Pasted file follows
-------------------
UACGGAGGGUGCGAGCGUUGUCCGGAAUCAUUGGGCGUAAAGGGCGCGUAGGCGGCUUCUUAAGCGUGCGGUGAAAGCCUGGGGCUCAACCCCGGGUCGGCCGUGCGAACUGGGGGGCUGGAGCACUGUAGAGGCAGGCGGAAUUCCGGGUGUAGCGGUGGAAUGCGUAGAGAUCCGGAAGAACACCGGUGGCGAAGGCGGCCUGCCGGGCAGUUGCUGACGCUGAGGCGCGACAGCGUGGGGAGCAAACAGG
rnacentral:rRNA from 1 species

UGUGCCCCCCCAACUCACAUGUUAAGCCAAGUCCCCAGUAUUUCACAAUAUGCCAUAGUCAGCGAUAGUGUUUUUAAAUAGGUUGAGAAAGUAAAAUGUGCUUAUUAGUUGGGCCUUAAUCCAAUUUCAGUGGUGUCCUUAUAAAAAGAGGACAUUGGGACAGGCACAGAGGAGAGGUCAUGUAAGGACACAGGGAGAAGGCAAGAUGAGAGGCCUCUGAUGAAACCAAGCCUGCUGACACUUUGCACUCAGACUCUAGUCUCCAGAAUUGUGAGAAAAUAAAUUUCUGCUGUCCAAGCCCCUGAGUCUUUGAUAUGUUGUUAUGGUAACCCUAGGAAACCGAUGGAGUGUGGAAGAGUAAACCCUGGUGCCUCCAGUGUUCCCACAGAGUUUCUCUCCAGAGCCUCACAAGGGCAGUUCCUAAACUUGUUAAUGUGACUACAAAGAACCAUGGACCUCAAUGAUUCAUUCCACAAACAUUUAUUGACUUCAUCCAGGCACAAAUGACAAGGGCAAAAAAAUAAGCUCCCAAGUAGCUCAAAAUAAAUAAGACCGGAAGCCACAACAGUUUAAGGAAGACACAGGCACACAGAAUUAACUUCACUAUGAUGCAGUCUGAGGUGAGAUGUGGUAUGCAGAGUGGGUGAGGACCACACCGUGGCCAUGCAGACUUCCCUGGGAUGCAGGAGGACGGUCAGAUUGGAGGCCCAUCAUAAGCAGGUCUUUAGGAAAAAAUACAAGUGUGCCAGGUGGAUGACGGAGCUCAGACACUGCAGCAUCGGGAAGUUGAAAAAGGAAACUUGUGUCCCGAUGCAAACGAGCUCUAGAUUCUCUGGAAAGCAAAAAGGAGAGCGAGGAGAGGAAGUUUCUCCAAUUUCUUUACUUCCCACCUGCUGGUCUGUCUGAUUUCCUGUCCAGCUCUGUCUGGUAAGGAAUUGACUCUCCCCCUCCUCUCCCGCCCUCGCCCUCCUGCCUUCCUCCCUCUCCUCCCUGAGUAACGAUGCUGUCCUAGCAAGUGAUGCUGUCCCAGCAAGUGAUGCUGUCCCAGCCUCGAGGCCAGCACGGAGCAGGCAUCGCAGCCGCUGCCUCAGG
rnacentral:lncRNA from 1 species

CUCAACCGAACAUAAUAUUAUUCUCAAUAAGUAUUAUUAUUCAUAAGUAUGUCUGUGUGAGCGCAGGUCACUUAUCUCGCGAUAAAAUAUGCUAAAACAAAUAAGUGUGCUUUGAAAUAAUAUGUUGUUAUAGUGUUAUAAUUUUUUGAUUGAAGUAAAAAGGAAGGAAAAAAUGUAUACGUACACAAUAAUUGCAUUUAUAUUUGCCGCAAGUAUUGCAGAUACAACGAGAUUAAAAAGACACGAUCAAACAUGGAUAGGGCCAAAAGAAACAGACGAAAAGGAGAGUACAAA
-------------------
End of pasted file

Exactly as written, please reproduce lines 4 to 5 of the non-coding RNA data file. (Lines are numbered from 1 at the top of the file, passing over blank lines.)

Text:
rnacentral:lncRNA from 1 species

CUCAACCGAACAUAAUAUUAUUCUCAAUAAGUAUUAUUAUUCAUAAGUAUGUCUGUGUGAGCGCAGGUCACUUAUCUCGCGAUAAAAUAUGCUAAAACAAAUAAGUGUGCUUUGAAAUAAUAUGUUGUUAUAGUGUUAUAAUUUUUUGAUUGAAGUAAAAAGGAAGGAAAAAAUGUAUACGUACACAAUAAUUGCAUUUAUAUUUGCCGCAAGUAUUGCAGAUACAACGAGAUUAAAAAGACACGAUCAAACAUGGAUAGGGCCAAAAGAAACAGACGAAAAGGAGAGUACAAA